– It was an enormously disappointing tournament for Missouri. After beating Carleton on double game point in round one, they proceeded to lose the rest of their games on the weekend, and it often wasn’t particularly close. The O-line just isn’t there for them, and even in the game they won against Carleton, they surrendered a string of breaks at the end of the game when CUT’s defense dialed up the intensity. Largely inexperienced on a national stage, Missouri’s players just aren’t ready to execute good fundamentals under pressure.
– Watching Colorado this weekend was like watching paint dry, as they continue to search for a new offensive fulcrum and a new identity after their 2014 championship. They ended the weekend where they started it, in 11th, and while that’s not a disaster by any means, there was nothing this weekend that points to this team being able to do much more than merely qualify for Nationals.
– A massively disappointing Saturday hid a decent Sunday for UConn Grind, who at this point looks like just other one in a line of Metro East teams we’ve seen try to challenge Cornell for a trip to Nationals, but threatens to do little beyond that. There were higher expectations for Grind this year, who some had prophesized could bring the Metro East back into relevance. It’s been a couple years since a Metro East team won a game at Nationals, and while it could still happen this year, UConn’s dismal performance on Saturday makes it seem more and more remote.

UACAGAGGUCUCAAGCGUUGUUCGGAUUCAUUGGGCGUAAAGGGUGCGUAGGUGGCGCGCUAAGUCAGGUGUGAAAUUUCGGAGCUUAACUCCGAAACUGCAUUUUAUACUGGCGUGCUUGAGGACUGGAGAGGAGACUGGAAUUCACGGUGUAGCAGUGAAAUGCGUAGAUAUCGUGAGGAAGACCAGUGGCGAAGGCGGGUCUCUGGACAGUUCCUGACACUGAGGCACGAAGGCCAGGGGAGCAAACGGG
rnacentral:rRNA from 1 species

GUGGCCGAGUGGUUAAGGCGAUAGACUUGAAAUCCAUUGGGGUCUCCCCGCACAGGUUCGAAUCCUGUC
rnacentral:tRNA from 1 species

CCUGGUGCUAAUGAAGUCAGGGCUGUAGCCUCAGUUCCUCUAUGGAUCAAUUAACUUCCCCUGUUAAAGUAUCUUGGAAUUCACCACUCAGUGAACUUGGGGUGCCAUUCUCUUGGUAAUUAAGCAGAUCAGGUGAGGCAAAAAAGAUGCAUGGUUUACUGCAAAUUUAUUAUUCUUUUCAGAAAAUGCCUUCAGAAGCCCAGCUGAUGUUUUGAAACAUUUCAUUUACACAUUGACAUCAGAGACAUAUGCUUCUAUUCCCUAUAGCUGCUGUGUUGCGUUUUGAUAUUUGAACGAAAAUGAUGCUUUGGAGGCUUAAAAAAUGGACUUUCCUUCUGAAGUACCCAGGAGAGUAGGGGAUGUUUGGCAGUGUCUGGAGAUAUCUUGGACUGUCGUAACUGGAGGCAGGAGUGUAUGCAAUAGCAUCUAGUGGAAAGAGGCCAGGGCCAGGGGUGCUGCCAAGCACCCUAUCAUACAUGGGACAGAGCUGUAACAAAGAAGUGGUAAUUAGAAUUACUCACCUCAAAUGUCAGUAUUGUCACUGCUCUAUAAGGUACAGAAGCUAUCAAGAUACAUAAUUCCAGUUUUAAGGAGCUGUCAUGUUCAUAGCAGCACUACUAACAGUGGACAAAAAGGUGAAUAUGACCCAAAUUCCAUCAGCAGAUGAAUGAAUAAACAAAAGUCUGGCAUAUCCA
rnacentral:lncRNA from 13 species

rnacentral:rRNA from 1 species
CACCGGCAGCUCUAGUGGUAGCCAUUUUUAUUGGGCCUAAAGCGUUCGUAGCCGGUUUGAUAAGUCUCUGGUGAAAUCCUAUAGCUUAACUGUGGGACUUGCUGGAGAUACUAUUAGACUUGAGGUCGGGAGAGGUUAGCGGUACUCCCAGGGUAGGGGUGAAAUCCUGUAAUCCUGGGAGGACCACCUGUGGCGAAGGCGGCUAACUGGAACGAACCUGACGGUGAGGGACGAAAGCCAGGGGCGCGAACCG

– It was a rough weekend for the Great Lakes teams, as Illinois went winless despite some close games, and Michigan were only able to pull out a win over their intraregional opponent. Despite coming in seeded ninth, Michigan looked flat almost all weekend. After dropping their opening round game to a fired up Virginia Tech team and failing to keep up with Pitt, they were demolished by UNC to knock them out of bracket contention. While the O-line had flashes of brilliance — a scoober to the break side followed by perfect continuation — it was often disjointed and showed that Michigan has some work to do if they hope to return to Nationals in 2016.